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The latest Ernst & Young Global Fraud Survey, which compiles results from interviews with more than 2,700 executives across 59 countries, reveals a number of surprising findings in the areas of cybercrime, bribery and corruption, and fraud.


Cybercrime:  As outlined in the E&Y survey results, one of the most significant developing threats to businesses is cybercrime.  The threat is growing, and the E&Y survey suggests organizations may not be keeping pace.  For example, nearly 50% of survey respondents see cybercrime as a very or fairly low risk to their business — 17% see it as a “very low risk,” and only 19% see it as a “very high risk.”  However, regulators and governments are painting a different picture. Mary Jo White, the Chair of the U.S. Securities and Exchange Commission ("SEC"), described cyber-security threats as of “extraordinary and long-term seriousness.”  A UK Government minister stated recently that around 93% of large organizations in the UK have faced a breach in the past financial year. According to research by the Economist Intelligence Unit, nearly a third of all businesses sampled have seen an increase in the number of attacks over the past year.  A whopping 74% of respondents stated that they had not made any public disclosure in relation to the breach, despite the increasing pressure from regulators to do so.


Bribery and corruption: As outlined in the E&Y survey results, the Foreign Corrupt Practices Act ("FCPA"), which prohibits businesses from bribing foreign officials, remains the most robustly enforced anti-bribery/anti-corruption ("ABAC") legislation globally, with the U.S. Department of Justice ("DOJ") and the SEC taking the lead in its enforcement. There have also been significant international ABAC actions over the past year, including those in Germany, Italy, France, the Netherlands, and Mexico. The Chinese government has made a high priority of eradicating official corruption, which has affected multinational firms operating in China.  Despite this regulation, bribery and corruption is common. For example, 10% of C-suite interviewees have been asked to pay a bribe in a business situation.  CEO respondents indicate that they are more likely to be asked to pay bribes than senior management colleagues, with more than one in five CEOs saying that they had been approached in the past. Yet ABAC compliance efforts may be stalling.  As reported in the survey, one in five businesses still does not have an ABAC policy, 38% of businesses never conduct forensic or anticorruption due diligence as part of their mergers and acquisitions processes, nearly half of businesses do not have a whistleblower hotline in place, and 61% of respondents have never attended ABAC training.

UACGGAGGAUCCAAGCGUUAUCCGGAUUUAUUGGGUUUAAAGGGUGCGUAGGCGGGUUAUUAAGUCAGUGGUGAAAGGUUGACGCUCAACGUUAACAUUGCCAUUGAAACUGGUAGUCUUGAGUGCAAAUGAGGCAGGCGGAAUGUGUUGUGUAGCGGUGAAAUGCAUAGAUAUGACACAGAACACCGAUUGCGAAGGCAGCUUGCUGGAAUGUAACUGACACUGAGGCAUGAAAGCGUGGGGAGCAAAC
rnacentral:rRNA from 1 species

Fraud: As outlined in the E&Y survey results, regulators can be expected to increase their focus on financial statement fraud as the risk of such behavior is perceived to increase as businesses struggle to fulfill the resurgent growth expectations placed on them by the markets.  More than 1 in 10 executives surveyed reported their company as having experienced a significant fraud in the past two years. Ten countries recorded a significant increase, including the US (16% in 2014, up from 8% in 2012), China (8%, up from 4%), Japan (10%, up from 6%) and Russia (16%, up from 10%).  Additionally, the willingness of respondents to justify certain activities when under financial pressure shows an interesting correlation with their role. For example, CFOs are more likely than any other role to justify making changes to assumptions relating to valuations and reserves to meet financial targets (17% compared to 14% for all respondents). General counsel respondents are more likely than others to justify backdating contracts to meet financial targets (12% compared to 8% for all respondents).